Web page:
Please forward this error screen to 165. The number on the right of most entries is their school with separate training of boys admission registration number.
Although of no particular relevance here, I use these numbers for research and database purposes and they’re included simply as a point of interest. There were separate series for the High School and Westoe Secondary and, in the case of the High School these numbers were “reset” a couple of times. The letter is one that I have added to indicate which series the number belongs to. 567 admissions to the High School. 1909 when the High School was taken over by the local authority, with boys still attending the school being renumbered. Series C was started in 1936 on the move to Harton and the amalgamation of the High School and Westoe Secondary School, with boys from both schools being renumbered.
High School records on the merger of the two schools in 1936. After attending the High School, Albert Allan went on to be a Traffic Apprentice in the North-East Railway. The Barbour name is known world-wide for high quality waterproof and outdoor clothes, and it was Malcom Barbour’s father, John Barbour, who established the business in South Shields in 1894. After being educated at the South Shields High School for Boys, Dennis Boyd went into National Service at 18, and worked variously in the Ministry of Defence, Board of Trade and Forestry Commission. In 1979 he was appointed the Director of Conciliation at ACAS.
A pupil of Westoe School, George Bridge found a career in insurance, and eventually became Deputy Chairman of Legal and General. Jack Brymer was a renowned clarinettist. He started his career in 1935 as a teacher in Croydon, and taught at Dean Park and Cleadon Park junior schools. He joined the RAF from 1940 to 1945, where he served as a physical training instructor. By invitation of Sir Thomas Beecham, he was appointed principal clarinetist for the Royal Philharmonic Orchestra in 1946, where he stayed until 1963 when he joined the BBC Symphony Orchestra. He became well known, not just as a musician, but also as a radio presenter. But he wasn’t just a classical clarinettist – he also had a life-long interest in mainstream jazz, having toured and played as a soloist.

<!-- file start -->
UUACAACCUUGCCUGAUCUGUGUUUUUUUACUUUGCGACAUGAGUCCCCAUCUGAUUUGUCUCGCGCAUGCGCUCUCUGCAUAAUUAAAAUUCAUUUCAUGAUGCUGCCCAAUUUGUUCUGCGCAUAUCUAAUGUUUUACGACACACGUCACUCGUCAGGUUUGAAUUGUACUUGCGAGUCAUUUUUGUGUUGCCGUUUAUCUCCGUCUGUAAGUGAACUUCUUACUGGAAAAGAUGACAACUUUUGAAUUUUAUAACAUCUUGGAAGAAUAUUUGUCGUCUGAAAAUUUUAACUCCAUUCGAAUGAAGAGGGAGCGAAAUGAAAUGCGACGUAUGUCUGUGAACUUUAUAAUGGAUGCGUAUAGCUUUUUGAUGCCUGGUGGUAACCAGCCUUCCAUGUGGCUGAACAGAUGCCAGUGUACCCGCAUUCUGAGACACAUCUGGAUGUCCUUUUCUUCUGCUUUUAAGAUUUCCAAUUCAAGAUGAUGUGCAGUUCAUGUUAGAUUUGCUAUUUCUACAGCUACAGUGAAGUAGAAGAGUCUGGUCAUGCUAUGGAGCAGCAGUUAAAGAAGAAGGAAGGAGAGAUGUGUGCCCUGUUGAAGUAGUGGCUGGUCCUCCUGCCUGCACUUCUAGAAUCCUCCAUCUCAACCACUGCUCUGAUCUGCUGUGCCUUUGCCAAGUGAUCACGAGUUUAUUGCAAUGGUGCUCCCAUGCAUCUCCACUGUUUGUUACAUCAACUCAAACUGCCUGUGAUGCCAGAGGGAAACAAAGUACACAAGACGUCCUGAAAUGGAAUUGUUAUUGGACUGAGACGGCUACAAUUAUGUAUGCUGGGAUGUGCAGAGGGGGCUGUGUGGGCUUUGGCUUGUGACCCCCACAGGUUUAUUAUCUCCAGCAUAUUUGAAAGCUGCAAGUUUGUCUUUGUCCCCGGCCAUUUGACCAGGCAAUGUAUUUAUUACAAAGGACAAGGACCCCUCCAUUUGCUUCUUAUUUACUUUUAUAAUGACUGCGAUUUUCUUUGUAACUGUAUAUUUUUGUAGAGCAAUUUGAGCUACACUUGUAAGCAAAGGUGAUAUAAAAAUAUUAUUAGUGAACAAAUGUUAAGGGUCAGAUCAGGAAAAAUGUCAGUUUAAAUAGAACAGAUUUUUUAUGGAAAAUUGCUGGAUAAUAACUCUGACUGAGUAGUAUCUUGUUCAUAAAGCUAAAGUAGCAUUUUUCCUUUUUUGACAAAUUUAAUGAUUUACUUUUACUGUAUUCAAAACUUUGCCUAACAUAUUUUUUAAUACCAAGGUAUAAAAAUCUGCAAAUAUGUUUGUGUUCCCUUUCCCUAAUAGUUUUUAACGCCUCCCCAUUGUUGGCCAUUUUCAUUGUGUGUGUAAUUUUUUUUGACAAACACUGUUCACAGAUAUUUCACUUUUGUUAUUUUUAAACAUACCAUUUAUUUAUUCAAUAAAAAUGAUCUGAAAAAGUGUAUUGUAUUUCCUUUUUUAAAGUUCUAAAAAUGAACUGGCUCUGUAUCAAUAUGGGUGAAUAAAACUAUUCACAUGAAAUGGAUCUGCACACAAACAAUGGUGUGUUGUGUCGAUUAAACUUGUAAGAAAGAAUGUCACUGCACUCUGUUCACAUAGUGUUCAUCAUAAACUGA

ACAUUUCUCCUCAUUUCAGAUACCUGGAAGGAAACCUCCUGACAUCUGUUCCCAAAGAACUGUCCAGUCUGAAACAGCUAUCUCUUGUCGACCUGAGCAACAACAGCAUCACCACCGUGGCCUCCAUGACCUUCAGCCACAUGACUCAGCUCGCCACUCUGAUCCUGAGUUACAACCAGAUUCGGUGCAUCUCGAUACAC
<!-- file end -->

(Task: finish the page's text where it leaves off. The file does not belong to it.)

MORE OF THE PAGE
Son of Henry Chapman, and younger brother of Robert, Frederick Ernest Chapman studied medicine at Durham University. However, his greater claim to fame was as an English Rugby Football International. He was considered to be the most talented rugby player of the six Chapman brothers and, like many rugby players from the school, was also a member of Westoe Rugby Club. Freddie Chapman also represented Durham University and Durham County, and later joined Hartlepool Rovers. Robert was one of seven brothers who went to the Boys’ High School, and came to be School Captain in 1896. He left to go to London University, where he gained a BA. When he finished at university he joined the family’s accountancy firm and was active in the Durham Artillery volunteers.